Los Angeles Clippers owner Donald Sterling on Tuesday filed a fraud suit against the National Basketball Association, his team, and his wife, seeking to block the team’s $2 billion sale even as the Clippers' CEO warned of a "death spiral" of fleeing sponsors and talent if Sterling stays.
Yahoo Inc. said Monday it would buy mobile analytics startup Flurry Inc. for a reported $300 million, with teams from Weil Gotshal & Manges LLP and Goodwin Proctor LLP advising on either side of the deal.
A class of 20,000 retail and corporate employees of Apple Inc. won class certification Monday, in their long-running suit alleging the technology giant cheated them out of pay for skipped breaks and final paychecks, according to a brief order handed down by a California judge.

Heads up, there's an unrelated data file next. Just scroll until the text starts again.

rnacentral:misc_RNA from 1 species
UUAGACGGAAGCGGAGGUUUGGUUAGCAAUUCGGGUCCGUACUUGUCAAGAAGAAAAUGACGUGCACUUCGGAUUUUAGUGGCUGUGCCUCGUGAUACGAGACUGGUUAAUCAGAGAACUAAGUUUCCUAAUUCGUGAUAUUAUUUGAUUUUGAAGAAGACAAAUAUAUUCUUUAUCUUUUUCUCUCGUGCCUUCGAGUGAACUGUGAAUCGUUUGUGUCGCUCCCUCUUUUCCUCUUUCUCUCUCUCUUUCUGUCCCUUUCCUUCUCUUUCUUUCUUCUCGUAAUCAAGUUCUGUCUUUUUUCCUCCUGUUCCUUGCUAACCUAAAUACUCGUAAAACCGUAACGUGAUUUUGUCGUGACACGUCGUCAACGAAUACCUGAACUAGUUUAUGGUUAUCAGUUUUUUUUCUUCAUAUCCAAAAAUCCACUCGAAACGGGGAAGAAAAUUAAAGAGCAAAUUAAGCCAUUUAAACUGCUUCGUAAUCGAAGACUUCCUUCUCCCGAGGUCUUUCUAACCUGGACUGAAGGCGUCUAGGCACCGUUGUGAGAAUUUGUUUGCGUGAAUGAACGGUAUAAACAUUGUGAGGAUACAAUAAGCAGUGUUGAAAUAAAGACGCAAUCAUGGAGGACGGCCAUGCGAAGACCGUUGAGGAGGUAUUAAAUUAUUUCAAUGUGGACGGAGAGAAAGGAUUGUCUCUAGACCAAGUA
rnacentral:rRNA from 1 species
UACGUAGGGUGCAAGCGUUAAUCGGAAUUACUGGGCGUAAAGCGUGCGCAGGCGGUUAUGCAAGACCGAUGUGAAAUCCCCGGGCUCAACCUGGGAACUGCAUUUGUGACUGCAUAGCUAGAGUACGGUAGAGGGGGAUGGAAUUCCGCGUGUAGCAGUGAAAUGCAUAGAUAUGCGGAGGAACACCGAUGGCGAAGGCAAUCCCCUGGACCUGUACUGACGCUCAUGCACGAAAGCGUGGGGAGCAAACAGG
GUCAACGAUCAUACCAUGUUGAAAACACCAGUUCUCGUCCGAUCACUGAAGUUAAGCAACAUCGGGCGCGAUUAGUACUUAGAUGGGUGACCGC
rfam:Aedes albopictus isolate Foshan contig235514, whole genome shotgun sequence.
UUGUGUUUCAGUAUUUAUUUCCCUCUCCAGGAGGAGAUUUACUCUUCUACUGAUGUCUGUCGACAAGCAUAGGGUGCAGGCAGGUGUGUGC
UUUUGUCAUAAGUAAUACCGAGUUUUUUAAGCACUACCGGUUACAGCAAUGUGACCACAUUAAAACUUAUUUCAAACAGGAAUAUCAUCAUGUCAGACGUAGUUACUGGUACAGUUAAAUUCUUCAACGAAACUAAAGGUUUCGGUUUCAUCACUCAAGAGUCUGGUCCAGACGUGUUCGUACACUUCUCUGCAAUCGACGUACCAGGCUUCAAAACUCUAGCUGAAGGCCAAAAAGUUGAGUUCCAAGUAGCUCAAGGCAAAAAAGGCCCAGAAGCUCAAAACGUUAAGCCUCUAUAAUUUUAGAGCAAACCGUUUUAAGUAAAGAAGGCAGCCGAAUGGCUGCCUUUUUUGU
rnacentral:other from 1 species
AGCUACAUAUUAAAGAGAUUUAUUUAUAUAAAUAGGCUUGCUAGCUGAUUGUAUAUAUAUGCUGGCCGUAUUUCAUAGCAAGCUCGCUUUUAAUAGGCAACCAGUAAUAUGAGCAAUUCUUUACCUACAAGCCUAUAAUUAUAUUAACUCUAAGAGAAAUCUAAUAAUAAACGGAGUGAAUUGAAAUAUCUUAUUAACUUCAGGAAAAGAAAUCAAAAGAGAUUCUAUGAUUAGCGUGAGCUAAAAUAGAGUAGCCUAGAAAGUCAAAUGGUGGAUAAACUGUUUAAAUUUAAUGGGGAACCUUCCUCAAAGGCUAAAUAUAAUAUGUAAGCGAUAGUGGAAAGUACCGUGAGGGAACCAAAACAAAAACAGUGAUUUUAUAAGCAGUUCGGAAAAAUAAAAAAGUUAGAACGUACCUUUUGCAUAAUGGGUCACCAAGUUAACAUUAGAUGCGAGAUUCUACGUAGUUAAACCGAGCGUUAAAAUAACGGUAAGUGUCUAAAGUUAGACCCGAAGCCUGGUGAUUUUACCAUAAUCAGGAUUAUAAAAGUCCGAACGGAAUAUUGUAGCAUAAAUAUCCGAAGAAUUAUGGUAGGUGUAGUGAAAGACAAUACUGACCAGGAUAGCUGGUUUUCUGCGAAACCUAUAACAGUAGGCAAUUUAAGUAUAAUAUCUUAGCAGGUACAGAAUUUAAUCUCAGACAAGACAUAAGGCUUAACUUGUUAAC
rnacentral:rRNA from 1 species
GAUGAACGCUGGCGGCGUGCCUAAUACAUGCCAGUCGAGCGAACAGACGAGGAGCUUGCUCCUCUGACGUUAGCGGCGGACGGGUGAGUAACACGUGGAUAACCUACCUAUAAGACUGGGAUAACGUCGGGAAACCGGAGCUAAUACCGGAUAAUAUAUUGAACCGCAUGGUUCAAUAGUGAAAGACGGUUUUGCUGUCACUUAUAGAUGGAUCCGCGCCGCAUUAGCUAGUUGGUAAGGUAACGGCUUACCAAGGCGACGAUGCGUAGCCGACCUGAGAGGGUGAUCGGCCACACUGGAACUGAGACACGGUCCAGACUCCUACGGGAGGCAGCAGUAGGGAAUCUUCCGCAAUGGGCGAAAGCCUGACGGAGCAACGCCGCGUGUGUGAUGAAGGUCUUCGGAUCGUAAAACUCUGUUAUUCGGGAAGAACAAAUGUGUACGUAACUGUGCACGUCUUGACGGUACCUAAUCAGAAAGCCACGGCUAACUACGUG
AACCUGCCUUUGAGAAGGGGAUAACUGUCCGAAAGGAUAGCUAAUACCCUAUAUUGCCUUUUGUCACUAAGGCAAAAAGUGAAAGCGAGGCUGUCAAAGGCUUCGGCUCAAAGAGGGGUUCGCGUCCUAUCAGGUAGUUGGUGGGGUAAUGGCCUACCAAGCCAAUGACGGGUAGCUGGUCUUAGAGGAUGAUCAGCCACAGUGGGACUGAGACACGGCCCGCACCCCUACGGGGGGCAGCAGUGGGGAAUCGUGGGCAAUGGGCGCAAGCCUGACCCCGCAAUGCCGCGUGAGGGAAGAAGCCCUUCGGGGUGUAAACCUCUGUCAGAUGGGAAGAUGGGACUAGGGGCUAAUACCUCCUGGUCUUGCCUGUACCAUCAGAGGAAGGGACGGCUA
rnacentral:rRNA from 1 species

A California judge stayed two suits in the consolidated injury litigation against Swiss drugmaker Hoffman-La Roche Inc. over its acne medication Accutane, saying Monday that California has a "miniscule interest" in the claims brought by the out-of-state plaintiffs who were prescribed the drug by non-California doctors.
San Francisco's Board of Supervisors voted 6-4 Tuesday to put a 2-cent per ounce soda tax on the November ballot, opening the possibility of becoming the first city to adopt this kind of measure.
John Travolta must face a lawsuit brought against him by a man who worked for Travolta’s aircraft company approximately 30 years ago and is insisting he isn’t barred by confidentiality agreements from discussing an alleged intimate relationship with Travolta, a California appeals court held on Tuesday.
Care1st Health Plan on Tuesday urged a California judge to toss a putative class action alleging the managed care organization failed to encrypt members' private medical information on a computer disk that was misplaced, saying the proposed class can't show they were actually harmed by the purported leak.